Inspired by Dyalog Ltd.'s 2016 student competition. The challenge there is to write good APL code, but this is a and it is open to all languages. Derived from this closed challenge.

The real challenge here is to combine the various (quite trivial) parts of the problem in a byte-efficient way by reusing values and/or algorithms.

If you find this challenge interesting and you use Dyalog APL (free download here), you may also want to participate in the original competition, but note that the objective there is to submit quality code – not necessarily short code. If you are a student, you can win USD 100 for Phase I. Phase II (not related to this code golf challenge) can win you up to USD 2000 and a free trip to Scotland!


Take two strings (of any 7-bit ASCII characters) by any means and order (but please include input format in your answer). You may take them as separate arguments/inputs or as a single list of strings. One string contains the delimiters in the other. E.g. given ',;/' and 'hello,hello;there;my/yes/my/dear,blue,world', the sub-strings are ['hello', 'hello', 'there', 'my', 'yes', 'my', 'dear', 'blue', and 'world'].

You will do some statistics and ordering based on the lengths of those sub-strings that are not duplicated in the input. (You may chose to consider casing or not.) In the example given, those are ['there', 'yes', 'dear', 'blue', 'world'].

Give (by any means) a list of four elements in the overall structure [Number_1, Number_2, [List_3], [[List_4_1], [List_4_2]]]:

  1. The mean of the lengths of the non-duplicated strings. In our example, that is 4.2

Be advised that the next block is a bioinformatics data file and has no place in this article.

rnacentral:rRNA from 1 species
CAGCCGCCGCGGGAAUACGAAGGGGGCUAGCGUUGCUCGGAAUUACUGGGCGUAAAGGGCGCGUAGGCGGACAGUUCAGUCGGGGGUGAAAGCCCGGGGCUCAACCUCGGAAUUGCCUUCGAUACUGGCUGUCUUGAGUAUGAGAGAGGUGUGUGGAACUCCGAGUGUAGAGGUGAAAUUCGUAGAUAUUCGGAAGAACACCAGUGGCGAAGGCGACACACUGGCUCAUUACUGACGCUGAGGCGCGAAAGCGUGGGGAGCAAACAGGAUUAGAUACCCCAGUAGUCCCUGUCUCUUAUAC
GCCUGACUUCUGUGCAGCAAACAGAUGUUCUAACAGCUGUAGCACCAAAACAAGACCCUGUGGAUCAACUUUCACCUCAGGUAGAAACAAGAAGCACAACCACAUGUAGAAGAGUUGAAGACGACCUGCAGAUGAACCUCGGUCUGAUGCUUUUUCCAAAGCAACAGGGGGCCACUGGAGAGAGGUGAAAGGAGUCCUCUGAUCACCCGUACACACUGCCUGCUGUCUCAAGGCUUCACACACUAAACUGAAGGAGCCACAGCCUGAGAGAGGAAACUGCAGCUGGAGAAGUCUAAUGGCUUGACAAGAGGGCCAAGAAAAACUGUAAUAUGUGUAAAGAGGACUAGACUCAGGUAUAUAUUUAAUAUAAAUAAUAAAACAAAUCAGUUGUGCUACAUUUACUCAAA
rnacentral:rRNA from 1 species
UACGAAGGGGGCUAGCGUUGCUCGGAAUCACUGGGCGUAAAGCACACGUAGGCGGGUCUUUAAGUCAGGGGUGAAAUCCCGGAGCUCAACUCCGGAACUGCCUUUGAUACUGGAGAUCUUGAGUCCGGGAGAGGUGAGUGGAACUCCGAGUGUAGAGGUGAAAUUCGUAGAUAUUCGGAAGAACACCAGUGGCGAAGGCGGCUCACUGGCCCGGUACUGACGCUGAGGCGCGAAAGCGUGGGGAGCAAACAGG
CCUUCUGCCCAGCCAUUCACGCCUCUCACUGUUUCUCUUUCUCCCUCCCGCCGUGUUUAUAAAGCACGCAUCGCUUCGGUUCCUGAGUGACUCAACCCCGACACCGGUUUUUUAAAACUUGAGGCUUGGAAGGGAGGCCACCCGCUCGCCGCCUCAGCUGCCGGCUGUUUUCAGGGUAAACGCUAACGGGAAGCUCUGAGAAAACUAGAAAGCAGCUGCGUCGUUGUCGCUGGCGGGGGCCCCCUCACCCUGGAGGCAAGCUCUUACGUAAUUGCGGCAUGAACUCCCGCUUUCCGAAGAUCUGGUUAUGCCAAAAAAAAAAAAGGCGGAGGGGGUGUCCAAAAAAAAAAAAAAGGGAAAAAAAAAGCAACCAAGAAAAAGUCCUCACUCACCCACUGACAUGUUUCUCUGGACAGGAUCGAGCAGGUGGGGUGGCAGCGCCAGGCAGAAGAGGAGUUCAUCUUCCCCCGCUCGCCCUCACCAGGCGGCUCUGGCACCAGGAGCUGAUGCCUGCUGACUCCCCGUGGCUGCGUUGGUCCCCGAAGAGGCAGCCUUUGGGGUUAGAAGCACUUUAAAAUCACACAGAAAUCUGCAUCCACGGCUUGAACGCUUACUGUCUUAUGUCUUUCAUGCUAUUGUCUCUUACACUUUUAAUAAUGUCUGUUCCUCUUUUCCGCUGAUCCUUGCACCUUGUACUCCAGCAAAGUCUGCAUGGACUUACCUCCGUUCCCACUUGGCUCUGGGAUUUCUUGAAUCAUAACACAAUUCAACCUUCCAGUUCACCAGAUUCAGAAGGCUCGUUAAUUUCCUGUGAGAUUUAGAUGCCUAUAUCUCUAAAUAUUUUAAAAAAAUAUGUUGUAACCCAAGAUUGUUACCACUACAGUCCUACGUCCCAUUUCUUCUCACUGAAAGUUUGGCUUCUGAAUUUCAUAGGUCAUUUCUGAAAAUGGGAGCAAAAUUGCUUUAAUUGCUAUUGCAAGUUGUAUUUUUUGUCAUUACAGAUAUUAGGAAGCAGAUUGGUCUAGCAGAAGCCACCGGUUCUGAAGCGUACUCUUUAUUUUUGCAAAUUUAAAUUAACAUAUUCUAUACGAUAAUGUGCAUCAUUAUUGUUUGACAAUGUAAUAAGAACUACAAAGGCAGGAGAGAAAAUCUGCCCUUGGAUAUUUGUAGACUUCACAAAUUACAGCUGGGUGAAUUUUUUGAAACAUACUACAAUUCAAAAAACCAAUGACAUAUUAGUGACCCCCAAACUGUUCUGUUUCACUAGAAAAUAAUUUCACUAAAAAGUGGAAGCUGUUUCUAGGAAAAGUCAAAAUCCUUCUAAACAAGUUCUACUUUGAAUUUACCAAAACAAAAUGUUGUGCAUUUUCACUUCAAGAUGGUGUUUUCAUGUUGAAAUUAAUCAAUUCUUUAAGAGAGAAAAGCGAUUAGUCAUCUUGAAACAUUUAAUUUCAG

2. The median of the lengths of the non-duplicated strings. In our example, that is 4.
  3. The mode(s) of the lengths of the non-duplicated strings. In our example, that is [4, 5].
  4. The original sub-strings (including duplicates), divided into two lists; the first are those that are not one of the above mode lengths, and the second are those that are. In our example: [['my', 'my', 'yes'], ['dear', 'blue', 'hello', 'hello', 'there', 'world']]

The combined final answer of our example case is: [4.2, 4, [4, 5], [['my', 'my', 'yes'], ['dear', 'blue', 'hello', 'hello', 'there', 'world']]]


  1. Don't forget to reuse code and values. E.g. the median is the average of the 1 or 2 middle elements, and you'll need the mode(s) to reorder the original list.

  2. Watch out for division by zero; an empty input means one string with length zero, so the mean length is zero. If there are no non-unique sub-strings, return zero for both mean and median, an empty list for modes, and put all original sub-strings onto the non-mode list.